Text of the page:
Monday, November 10, 2008

Hot Rods & Custom Cars from the 1960's

The Mint Julep I - Owner: Ken Bausert
Location: Richmond Hill, New York

(One "new" photo added to this section Dec. 2, 2010. -Ken)

My first car was a 1950 Mercury convertible,
bought on May 11, 1959 at a cost of $125.
I was fifteen years-old and worked on it
after school and on weekends.
The earliest modifications included
shaving the hood & deck,
shortening the side trim,
making up a custom grille using pieces
of discarded side trim,
and lowering the tail lights two inches.

(Above, "new" b&w photo added.)

By the time I graduated high school,
the first incarnation of Mint Julep was complete.
The car was lowered two-inches in the rear,
custom accessory tail lights had been added,
'57 Merc Cruiser Skirts were installed with
'54 Merc chrome teeth and lowered side trim to match.
The car was painted mint green and I added
black scallops. The cat on the
deck lid was courtesy of the film, 101 Dalmatians.

The headlights were tunneled by molding in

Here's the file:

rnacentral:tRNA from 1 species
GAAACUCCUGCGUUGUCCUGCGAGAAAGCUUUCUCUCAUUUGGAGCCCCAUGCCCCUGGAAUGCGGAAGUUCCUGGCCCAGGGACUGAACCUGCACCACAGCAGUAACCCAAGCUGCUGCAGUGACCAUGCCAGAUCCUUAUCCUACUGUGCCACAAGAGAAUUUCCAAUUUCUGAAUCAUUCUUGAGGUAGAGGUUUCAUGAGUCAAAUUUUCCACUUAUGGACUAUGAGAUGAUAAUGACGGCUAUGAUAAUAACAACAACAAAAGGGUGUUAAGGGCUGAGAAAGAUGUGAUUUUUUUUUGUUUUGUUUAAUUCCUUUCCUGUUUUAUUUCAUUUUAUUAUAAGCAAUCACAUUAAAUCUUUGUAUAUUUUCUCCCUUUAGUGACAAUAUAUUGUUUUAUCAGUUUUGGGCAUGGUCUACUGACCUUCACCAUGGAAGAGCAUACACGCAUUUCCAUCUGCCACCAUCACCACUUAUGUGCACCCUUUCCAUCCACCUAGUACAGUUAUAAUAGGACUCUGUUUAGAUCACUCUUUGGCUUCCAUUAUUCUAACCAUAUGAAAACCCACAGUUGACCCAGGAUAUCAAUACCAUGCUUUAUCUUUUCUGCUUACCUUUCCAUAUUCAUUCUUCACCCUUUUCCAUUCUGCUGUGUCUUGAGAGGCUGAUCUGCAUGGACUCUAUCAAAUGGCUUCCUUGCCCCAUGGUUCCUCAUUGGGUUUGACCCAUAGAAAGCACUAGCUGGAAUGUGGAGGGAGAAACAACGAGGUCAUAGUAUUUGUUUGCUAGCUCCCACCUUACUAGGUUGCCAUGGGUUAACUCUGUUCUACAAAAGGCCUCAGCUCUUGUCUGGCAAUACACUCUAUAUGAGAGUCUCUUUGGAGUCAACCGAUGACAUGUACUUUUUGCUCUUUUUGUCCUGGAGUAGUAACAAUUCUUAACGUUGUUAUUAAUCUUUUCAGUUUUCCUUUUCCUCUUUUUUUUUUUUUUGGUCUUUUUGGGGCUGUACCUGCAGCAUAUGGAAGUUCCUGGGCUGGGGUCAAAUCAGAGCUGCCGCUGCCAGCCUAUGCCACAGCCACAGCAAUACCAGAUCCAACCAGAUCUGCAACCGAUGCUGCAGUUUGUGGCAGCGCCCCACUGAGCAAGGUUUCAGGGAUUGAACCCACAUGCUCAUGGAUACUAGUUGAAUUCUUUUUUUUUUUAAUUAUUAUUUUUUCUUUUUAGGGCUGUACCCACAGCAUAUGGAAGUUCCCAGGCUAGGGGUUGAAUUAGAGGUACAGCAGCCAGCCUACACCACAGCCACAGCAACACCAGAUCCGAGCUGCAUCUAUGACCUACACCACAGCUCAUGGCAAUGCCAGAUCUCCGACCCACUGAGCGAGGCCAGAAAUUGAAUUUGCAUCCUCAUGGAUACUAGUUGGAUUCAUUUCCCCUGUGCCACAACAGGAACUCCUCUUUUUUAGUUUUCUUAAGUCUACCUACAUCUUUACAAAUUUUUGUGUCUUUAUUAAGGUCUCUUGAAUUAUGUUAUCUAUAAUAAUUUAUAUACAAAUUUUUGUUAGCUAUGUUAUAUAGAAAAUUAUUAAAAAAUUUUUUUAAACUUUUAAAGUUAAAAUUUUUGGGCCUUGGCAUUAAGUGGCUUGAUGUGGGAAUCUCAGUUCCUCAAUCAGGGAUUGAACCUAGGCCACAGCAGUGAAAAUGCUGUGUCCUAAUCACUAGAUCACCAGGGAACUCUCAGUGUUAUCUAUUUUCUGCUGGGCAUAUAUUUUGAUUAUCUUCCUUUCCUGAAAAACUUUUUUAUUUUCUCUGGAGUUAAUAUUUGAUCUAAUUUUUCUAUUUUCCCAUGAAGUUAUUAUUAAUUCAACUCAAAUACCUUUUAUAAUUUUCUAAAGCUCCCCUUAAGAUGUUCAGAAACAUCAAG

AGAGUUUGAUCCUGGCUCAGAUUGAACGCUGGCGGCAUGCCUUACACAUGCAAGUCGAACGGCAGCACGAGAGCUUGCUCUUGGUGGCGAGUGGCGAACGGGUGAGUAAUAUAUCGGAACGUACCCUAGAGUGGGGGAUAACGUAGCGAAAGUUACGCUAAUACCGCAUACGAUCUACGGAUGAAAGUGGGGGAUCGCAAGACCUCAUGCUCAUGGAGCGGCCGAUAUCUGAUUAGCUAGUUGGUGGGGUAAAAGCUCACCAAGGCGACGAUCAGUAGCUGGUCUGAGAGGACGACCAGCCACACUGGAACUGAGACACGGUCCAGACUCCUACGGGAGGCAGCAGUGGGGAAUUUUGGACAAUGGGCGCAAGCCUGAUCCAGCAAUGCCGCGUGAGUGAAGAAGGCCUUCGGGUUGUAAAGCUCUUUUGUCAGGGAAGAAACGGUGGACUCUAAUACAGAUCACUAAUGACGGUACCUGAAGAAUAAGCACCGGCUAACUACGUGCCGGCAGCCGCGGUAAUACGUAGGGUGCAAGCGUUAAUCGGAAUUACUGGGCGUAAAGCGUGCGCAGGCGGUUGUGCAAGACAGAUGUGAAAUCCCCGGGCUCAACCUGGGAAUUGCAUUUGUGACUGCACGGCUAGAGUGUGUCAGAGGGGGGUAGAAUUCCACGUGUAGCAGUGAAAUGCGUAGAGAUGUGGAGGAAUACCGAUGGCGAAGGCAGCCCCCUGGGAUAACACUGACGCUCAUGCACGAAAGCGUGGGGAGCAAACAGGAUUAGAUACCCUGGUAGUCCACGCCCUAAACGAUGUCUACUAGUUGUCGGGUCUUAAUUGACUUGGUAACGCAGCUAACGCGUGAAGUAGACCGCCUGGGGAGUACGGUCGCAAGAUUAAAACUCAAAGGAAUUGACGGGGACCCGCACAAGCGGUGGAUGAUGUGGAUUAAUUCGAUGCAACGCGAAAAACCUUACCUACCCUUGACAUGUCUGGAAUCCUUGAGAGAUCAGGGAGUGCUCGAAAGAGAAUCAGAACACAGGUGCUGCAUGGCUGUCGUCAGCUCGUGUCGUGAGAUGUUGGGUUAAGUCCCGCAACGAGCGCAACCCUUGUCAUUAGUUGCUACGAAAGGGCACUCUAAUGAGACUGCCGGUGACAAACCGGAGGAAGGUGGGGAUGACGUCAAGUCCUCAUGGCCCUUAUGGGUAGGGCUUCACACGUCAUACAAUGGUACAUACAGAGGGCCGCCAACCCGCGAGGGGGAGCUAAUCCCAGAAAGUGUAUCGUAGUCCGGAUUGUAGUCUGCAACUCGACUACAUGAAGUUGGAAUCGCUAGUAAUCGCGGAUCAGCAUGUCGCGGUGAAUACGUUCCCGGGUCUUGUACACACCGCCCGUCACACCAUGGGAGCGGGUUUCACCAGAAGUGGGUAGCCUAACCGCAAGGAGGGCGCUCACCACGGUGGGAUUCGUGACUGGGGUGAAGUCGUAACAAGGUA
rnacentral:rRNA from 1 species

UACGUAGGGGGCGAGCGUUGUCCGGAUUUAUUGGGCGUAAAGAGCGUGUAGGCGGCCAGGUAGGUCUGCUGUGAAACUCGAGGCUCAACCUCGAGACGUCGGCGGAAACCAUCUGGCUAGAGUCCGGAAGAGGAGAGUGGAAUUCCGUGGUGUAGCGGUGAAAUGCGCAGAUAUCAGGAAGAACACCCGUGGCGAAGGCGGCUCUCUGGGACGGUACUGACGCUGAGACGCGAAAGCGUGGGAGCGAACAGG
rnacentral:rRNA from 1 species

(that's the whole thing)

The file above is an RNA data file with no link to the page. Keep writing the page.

'54 Merc rims and chrome bullets
replaced the original parking lights
which were relocated behind the grille.

1954 Buick portholes were set into the hood
and helped to cool the engine compartment.

The engine was a '51 Merc with Fenton finned aluminum
high-compression heads, a four barrel carb
on an Edelbrock manifold
and the intake & exhaust ports were enlarged.
An electric fuel pump and
duel-point ignition were also added.

The dashboard was covered with
padded rolled & pleated vinyl
and new upholstery was added.
The floor shift came from a '57 T-Bird.

The outside door handles were removed and
operated by hidden push buttons
and a keyed electric cut off switch.
This shot was taken on 69th Place,
in Glendale, near Ken Szekretar's house.

The full-length chrome Lakes pipes were
spliced into the exhaust system
and functional when the end caps were removed.
Note the old general store (Hattie & Nettie's)
on 95th Avenue,
between 127th & 129th Streets,
in Richmond Hill, in the left background.

Me (at 17 years of age) and the Mint Julep;
all modifications were performed by myself
with the exception of the mint green paint job,